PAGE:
The silence stretched for a couple beats.

  “Translation,” Morelli said. “You were scared and lonely, and you brought Rex in for company.”

  “These are difficult times.”

  “Tell me about it.”

  “I suppose you need to get out of Trenton before Beyers returns.”

  “I suppose I do. I'm too visible in this car. I can get the van at six tonight, and then I'll be back.”

  “Catch you later.”

  “Ten-four, Captain Video.”

  I went back to bed, and two hours later I was jolted awake by the car alarm blaring away in the lot below me. I flew out of bed, rushed to the window, and threw the curtains open in time to see Morty Beyers smash the alarm to smithereens with his gun butt.

  “Beyers!” I bellowed from my open window. “What the hell do you thing you're doing?”

  “My wife left me, and she took the Escort.”


  “So I need a car. I was gonna rent one, and then I thought of Morelli's Jeep sitting here, and I figured it'd save me some money to use it until I tracked Mona down.”

  “Christ, Beyers, you can't just come into a lot and take someone's car! That's stealing. You're a goddamn car thief.”


  “Where'd you get the keys?”

  “Same place you did. Morelli's apartment. He had an extra set in his dresser.”

  “You won't get away with this.”

  “What are you gonna do, call the police?”

  “God will get you for this.”

  “Fuck God,” Beyers said, sliding behind the wheel, taking time to adjust the seat and fiddle with the radio.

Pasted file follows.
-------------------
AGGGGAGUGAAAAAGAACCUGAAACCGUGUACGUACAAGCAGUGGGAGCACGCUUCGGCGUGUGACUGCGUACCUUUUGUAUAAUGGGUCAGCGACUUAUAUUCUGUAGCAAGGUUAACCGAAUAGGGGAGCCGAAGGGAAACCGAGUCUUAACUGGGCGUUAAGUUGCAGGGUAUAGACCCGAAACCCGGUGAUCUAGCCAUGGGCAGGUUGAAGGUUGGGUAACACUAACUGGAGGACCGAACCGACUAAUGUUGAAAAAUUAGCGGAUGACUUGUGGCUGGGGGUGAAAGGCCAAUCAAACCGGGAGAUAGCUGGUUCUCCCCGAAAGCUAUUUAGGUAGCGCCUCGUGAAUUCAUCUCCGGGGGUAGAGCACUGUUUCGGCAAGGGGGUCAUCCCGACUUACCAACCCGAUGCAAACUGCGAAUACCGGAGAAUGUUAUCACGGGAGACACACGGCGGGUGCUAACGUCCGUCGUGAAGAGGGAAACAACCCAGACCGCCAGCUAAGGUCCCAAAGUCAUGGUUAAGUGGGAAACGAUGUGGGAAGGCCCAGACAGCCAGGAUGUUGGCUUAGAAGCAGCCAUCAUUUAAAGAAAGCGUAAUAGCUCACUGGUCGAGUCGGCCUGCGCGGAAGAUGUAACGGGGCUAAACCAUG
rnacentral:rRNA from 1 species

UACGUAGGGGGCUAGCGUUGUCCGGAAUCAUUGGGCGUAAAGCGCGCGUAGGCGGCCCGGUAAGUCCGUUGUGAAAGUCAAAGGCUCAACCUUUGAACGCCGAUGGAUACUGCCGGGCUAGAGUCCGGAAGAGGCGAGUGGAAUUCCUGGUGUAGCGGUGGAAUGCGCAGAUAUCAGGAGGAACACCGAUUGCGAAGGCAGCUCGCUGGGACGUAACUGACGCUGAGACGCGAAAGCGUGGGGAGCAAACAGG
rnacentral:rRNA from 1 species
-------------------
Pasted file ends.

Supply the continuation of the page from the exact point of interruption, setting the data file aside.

Arrogant bastard, I thought. Not only is he stealing the damn car, but he's sitting there flaunting his ability to take it. I grabbed my defense spray and bolted out the door and down the stairs. I was barefoot, wearing a Mickey Mouse nightshirt and a pair of Jockey string bikinis, and I could have cared less.

  I was through the back door with my foot on the pavement when I saw Beyers turn the key and step on the accelerator. A split second later the car exploded with a deafening blast, sending doors flying off into space like Frisbees. Flames licked up from the undercarriage and instantly consumed the Cherokee, turning it into a brilliant yellow fireball.

  I was too astonished to move. I stood open-mouthed and speechless while parts of roof and fender reversed their trajectory and clanked down to earth.

  Sirens sounded in the distance, and tenants poured from the building to stand beside me and stare at the burning Jeep. Clouds of black smoke boiled into the morning sky, and searing heat rippled across my face.

  There'd never been any possibility of saving Morty Beyers. Even if I'd immediately responded, I couldn't have gotten him out of the car. And probably he was dead from the blast, not the fire. It occurred to me that chances of this being an accident were slim. And that chances of this being meant for me were large.